Asian markets rose Monday as investors were encouraged by the announcement of the Spanish bank aid deal and a report of less worrisome data from China over the weekend.
The Chinese Shanghai composite index climbed 1.07 percent or 24.41 points to 2,305.86. Hong Kong's Hang Seng advanced 2.44 percent, or 451.29 points, to 18,953.63. Major gainers were Cosco Pacific Ltd (5.86 percent), China Life Insurance Co (5.79 percent) and HSBC Holdings Plc (2.78 percent).
Japan's Nikkei Stock Average climbed 1.96 percent, or 165.64 points, to 8,624.90. Among major gainers were Sharp (6.6 percent), TDK (5.9 percent), Mazda Motors (4 percent) and Canon (3 percent). South Korea's KOSPI rose 1.71 percent, or 31.40 points, to 1,867.04.
India's BSE Sensex rose 0.43 percent, or 72.12 points, to 16,790.99, tracking positive cues from other Asian markets. Stocks of banks, metals, power, auto and capital goods companies rose. Major gainers were Sterlite Industries (4 percent), Tata Power (3.6 percent), Bajaj Auto (2.5 percent), ICICI Bank (1.9 percent) and State Bank of India (1 percent). The Indian rupee gained 17 paise to touch 55.24 against the dollar.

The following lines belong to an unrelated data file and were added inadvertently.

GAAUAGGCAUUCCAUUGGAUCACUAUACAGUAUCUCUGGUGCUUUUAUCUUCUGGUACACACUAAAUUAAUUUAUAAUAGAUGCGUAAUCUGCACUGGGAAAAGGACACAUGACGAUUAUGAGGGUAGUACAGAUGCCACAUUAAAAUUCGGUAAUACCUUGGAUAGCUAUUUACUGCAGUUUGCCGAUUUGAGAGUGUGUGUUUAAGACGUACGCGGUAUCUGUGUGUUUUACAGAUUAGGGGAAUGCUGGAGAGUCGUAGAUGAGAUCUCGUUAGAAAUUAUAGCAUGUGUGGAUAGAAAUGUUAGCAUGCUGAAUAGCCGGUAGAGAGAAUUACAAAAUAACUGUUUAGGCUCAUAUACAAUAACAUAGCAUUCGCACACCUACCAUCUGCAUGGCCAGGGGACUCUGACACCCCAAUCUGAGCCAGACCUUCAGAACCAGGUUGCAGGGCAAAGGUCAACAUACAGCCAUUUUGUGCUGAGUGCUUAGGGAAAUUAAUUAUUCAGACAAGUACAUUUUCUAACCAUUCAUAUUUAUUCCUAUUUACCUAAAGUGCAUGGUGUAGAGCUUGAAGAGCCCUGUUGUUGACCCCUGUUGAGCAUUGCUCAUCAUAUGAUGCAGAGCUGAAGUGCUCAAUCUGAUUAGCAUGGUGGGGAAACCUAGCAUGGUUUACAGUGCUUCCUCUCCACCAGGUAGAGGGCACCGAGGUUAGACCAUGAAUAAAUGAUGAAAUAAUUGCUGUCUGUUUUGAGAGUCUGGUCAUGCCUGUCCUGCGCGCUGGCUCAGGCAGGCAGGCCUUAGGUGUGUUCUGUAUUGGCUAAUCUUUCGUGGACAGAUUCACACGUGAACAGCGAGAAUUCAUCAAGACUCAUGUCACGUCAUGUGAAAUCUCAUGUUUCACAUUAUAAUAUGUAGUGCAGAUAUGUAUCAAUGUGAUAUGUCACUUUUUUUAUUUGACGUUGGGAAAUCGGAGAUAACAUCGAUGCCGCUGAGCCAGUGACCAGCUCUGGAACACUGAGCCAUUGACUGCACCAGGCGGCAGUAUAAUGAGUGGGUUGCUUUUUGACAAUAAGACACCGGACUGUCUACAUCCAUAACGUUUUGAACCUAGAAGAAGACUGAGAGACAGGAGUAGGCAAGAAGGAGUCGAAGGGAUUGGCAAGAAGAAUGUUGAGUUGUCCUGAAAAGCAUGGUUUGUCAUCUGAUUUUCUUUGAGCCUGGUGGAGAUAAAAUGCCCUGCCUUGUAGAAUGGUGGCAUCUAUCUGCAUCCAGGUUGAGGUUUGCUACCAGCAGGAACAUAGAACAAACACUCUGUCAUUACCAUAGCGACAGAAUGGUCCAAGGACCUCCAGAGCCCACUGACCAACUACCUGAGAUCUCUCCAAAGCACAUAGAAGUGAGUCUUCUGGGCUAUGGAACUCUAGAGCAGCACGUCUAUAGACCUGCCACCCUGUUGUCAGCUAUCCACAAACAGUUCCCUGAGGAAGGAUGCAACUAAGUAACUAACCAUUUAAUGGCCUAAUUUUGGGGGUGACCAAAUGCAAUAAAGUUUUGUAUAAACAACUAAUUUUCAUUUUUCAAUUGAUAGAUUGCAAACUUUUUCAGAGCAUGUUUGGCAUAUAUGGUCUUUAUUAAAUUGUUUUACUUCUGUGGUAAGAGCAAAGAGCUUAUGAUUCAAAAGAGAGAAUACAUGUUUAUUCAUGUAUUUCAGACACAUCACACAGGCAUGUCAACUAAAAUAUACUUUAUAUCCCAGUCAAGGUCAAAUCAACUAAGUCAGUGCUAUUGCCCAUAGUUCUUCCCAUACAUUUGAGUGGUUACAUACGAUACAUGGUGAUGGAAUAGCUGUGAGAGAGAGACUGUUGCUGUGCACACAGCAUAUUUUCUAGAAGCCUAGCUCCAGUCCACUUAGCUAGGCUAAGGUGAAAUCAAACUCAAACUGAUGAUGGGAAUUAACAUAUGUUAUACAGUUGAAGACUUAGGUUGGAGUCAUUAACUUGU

Market sentiment turned positive as the eurozone finance ministers agreed to lend 100 billion euros ($125 billion) to Spain. Investor confidence was down in the last two weeks due to the uneasy condition of Spain's banking sector that added to the debt crisis looming over the eurozone. Spain's economic situation, which posed a serious threat to its financial stability, was kept on a close watch by the markets. The bailout request for its banks has buoyed sentiments all around.
The weakening of the government's ability to support its banks in the crisis situation and Spain's first-quarter descent into a recession had generated a negative response in the financial markets. But the agreement on the bailout for Spanish banks reversed the mood of the markets to positive.
China's major macroeconomic data released over the last weekend turned out more positive than expected and added to the confidence of the market players. Following the rate cut announced by China last week, it was widely feared that the world's second-largest economy could show a further slowdown in growth and more price pressures.
Market confidence was boosted as China's exports rose 15.3 percent in May from a year earlier, which is up from 4.9 percent in April. There were also indications that price pressures are continuing to ease in China, as the consumer price index rose 3.0 percent from a year earlier, down from 3.4 percent in April.